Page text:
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The third Tavianis film to be released this month by Koch Lorber Films is Fiorile (1993), a tale about love and revenge set amidst the green hills of Tuscany. Arriving to US shores for the first time ever pic reconfirms the Tavianis reputation as one of Italy's most gifted directors.
A young family drives through the Italian countryside. The father tells his children a story about a tragedy that has been haunting their family for years. The Benedettis, who once greeted the Napoleon army, are apparently responsible for the death of a French soldier who lost a precious cargo while helping a beautiful girl. 200 years later the Benedettis are still looking for peace.
Told as a collage of flashbacks Fiorile tackles familiar themes - true love, forgiveness, the subversive power of money, etc - closely intertwined in what some regard as one of the Tavianis most ambitious works. Here, colorful characters are once again the focus of attention with elegant plot twists playing a prominent role.
The manner in which the story is told also does not surprise. Relying on cinematographer Giuseppe Lanci's eye for detail Fiorile feels very much like a classic fairytale where good and evil will collide and spur a sea of tragic events leading to a happy-ending. Only instead of sugary sentimentality and overused clichés the Tavianis have added a great deal of contemporary flavor instantly transforming Fiorile into a unique experience, one where both children and adults will find plenty to admire.
The love affair that would spur a chain reaction of tragic events is introduced fairly early. In fact, it is easy to predict where the Tavianis are heading with their story. What isn't easy to tell immediately is how everything would be aligned. Will the story culminate in the past or, will it reach a resolution in the present? How will the drama carry itself through the years? Fittingly, until the very end the Tavianis remain mum.
Yet, what Fiorile impresses the most with is the consistency in detail - which is quite a remarkable feature as the Tavianis typically spare a great deal of time capturing the traditions and customs of those who are the focus of attention in their films. Here, the Italian directors elegantly pass through notable political events (from Napoleon's exit of Italy to the French Revolution) granting the viewer the opportunity not only to continue to follow the Benedettis and their struggles but to capture the spirit of the time where the story has moved as well. As expected all of that is achieved with the marquee for the Tavianis excellent blending of folklore with history.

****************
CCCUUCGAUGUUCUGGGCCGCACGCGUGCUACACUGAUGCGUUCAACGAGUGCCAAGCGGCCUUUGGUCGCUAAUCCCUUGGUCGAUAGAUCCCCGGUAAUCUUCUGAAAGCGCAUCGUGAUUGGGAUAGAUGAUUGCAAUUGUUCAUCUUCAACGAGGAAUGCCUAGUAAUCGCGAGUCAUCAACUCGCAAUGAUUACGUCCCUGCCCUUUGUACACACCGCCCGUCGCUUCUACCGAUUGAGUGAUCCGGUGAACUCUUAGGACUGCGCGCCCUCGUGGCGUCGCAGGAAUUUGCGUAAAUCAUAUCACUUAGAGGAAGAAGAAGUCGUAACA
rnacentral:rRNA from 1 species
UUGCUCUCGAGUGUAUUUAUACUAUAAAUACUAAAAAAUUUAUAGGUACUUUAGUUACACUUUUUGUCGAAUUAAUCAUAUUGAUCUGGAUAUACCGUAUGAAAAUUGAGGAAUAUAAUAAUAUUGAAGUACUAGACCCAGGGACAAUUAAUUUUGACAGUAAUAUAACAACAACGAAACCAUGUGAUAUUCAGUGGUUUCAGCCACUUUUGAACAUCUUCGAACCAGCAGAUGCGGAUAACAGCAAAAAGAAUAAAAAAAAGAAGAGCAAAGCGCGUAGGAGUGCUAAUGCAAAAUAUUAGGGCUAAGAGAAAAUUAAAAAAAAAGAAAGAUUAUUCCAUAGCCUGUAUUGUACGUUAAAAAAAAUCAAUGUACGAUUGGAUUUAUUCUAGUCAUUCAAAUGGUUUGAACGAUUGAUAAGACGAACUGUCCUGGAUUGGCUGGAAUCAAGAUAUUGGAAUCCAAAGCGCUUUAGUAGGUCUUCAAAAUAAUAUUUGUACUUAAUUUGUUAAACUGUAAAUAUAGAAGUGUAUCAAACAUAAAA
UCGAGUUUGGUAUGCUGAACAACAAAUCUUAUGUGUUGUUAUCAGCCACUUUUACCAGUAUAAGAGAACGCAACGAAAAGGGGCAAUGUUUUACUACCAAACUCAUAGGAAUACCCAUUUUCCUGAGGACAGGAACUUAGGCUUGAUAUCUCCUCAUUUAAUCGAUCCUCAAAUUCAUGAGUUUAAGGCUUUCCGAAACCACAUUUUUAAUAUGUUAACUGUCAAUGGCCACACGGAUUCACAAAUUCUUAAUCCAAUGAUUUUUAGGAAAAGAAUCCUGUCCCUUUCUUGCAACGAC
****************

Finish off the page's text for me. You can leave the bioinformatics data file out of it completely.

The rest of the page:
Winner of the David di Donatello Award for Best Production Design and Nominated for Palme d'Or at the Cannes Film Festival in 1993.
How Does the DVD Look?
Koch Lorber Films release Fiorile in an aspect ratio of 1.85:1 enhanced for widescreen TVs slightly modified from the film's OAR of 1.77:1 (once again, I am certain that the R1 release is a direct port of the MK2 print). This being said this film has the best looking transfer of the three Tavianis discs released this month. Lush and fresh looking colors, excellent contrast, and a clean print is what we have here. The progressive transfer is quite strong and with the exception of a few scenes where edge-enhancement was noticeable I really do not have much to be unhappy with. In fact, when blown through a digital projector the print remains impressively strong with detail still intact. Certainly this is one of the best looking Tavianis discs to be released in North America.
How Does the DVD Sound?
Presented with a DD Italian track and optional, yellow, English subtitles the audio presentation here is quite strong. Dialog is very easy to follow, the soundtrack crisp, and the English translation adequate. I did not detect any disturbing hissing/cracks/or pop-ups. Indeed, in the audio department there is absolutely nothing to be concerned with.
Once again, Koch Lorber Films have provided a lovely 8-page booklet with an excellent essay about Fiorile by Distinguished Professor Emeritus of Film Studies at Indiana University-Bloomington Peter Bondanella. Prof. Bondanella comments not only on the film's fascinating premise but the Tavianis well-documented political stance on a number of issues as well (indeed, their Marxists views are often easy to detect in their cinema). In addition, there is also a 55-minute featurette titled "The Boys from San Maniato: Meeting with Paolo and Vittorio Taviani", directed by Luciano Odorisio, where the two directors talk about their film, career, and legacy.
I am incredibly grateful to see that finally there is an English-friendly version of Fiorile. This is a simple, yet colorful, film about love told in the exquisite language of the Tavianis. The print provided by Koch Lorber Films is of very good quality and I could hardly think of a reason why you would not want to add Fiorile to your libraries. Highly Recommended.